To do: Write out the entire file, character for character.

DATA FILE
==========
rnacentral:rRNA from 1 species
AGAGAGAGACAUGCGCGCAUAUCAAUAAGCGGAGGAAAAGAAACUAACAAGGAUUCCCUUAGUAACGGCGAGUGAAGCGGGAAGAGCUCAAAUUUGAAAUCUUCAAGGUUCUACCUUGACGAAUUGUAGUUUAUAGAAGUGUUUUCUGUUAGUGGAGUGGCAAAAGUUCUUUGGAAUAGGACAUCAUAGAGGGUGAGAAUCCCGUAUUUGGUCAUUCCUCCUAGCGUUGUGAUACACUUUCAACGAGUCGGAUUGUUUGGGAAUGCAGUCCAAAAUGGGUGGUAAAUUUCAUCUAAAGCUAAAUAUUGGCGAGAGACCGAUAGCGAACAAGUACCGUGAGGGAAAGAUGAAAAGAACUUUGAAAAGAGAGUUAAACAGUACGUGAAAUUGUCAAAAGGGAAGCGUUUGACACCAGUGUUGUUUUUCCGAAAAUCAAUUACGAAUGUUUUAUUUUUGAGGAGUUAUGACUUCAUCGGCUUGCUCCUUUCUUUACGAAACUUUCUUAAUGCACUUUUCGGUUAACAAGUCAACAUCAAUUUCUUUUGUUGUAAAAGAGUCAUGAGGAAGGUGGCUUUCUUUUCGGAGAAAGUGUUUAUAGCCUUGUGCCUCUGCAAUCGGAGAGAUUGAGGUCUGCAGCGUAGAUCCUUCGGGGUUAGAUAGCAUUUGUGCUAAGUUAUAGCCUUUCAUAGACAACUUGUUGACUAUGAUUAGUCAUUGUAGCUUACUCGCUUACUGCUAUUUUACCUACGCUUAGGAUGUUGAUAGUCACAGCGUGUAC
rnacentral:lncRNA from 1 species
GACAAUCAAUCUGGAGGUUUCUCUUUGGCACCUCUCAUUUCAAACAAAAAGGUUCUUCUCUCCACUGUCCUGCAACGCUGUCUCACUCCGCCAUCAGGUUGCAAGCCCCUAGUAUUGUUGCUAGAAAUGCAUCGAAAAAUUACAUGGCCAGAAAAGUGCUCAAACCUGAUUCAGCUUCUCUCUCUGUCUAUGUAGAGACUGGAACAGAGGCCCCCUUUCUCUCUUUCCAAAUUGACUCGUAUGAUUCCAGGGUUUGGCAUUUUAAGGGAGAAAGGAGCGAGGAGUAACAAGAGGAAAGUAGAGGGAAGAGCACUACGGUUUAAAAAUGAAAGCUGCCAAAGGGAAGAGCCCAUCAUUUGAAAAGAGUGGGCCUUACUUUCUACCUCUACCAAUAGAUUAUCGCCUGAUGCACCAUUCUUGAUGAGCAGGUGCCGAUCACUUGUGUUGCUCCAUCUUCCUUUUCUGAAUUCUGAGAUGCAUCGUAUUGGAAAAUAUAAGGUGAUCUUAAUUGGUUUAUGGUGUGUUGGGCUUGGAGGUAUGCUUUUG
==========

rnacentral:rRNA from 1 species
AGAGAGAGACAUGCGCGCAUAUCAAUAAGCGGAGGAAAAGAAACUAACAAGGAUUCCCUUAGUAACGGCGAGUGAAGCGGGAAGAGCUCAAAUUUGAAAUCUUCAAGGUUCUACCUUGACGAAUUGUAGUUUAUAGAAGUGUUUUCUGUUAGUGGAGUGGCAAAAGUUCUUUGGAAUAGGACAUCAUAGAGGGUGAGAAUCCCGUAUUUGGUCAUUCCUCCUAGCGUUGUGAUACACUUUCAACGAGUCGGAUUGUUUGGGAAUGCAGUCCAAAAUGGGUGGUAAAUUUCAUCUAAAGCUAAAUAUUGGCGAGAGACCGAUAGCGAACAAGUACCGUGAGGGAAAGAUGAAAAGAACUUUGAAAAGAGAGUUAAACAGUACGUGAAAUUGUCAAAAGGGAAGCGUUUGACACCAGUGUUGUUUUUCCGAAAAUCAAUUACGAAUGUUUUAUUUUUGAGGAGUUAUGACUUCAUCGGCUUGCUCCUUUCUUUACGAAACUUUCUUAAUGCACUUUUCGGUUAACAAGUCAACAUCAAUUUCUUUUGUUGUAAAAGAGUCAUGAGGAAGGUGGCUUUCUUUUCGGAGAAAGUGUUUAUAGCCUUGUGCCUCUGCAAUCGGAGAGAUUGAGGUCUGCAGCGUAGAUCCUUCGGGGUUAGAUAGCAUUUGUGCUAAGUUAUAGCCUUUCAUAGACAACUUGUUGACUAUGAUUAGUCAUUGUAGCUUACUCGCUUACUGCUAUUUUACCUACGCUUAGGAUGUUGAUAGUCACAGCGUGUAC
rnacentral:lncRNA from 1 species
GACAAUCAAUCUGGAGGUUUCUCUUUGGCACCUCUCAUUUCAAACAAAAAGGUUCUUCUCUCCACUGUCCUGCAACGCUGUCUCACUCCGCCAUCAGGUUGCAAGCCCCUAGUAUUGUUGCUAGAAAUGCAUCGAAAAAUUACAUGGCCAGAAAAGUGCUCAAACCUGAUUCAGCUUCUCUCUCUGUCUAUGUAGAGACUGGAACAGAGGCCCCCUUUCUCUCUUUCCAAAUUGACUCGUAUGAUUCCAGGGUUUGGCAUUUUAAGGGAGAAAGGAGCGAGGAGUAACAAGAGGAAAGUAGAGGGAAGAGCACUACGGUUUAAAAAUGAAAGCUGCCAAAGGGAAGAGCCCAUCAUUUGAAAAGAGUGGGCCUUACUUUCUACCUCUACCAAUAGAUUAUCGCCUGAUGCACCAUUCUUGAUGAGCAGGUGCCGAUCACUUGUGUUGCUCCAUCUUCCUUUUCUGAAUUCUGAGAUGCAUCGUAUUGGAAAAUAUAAGGUGAUCUUAAUUGGUUUAUGGUGUGUUGGGCUUGGAGGUAUGCUUUUG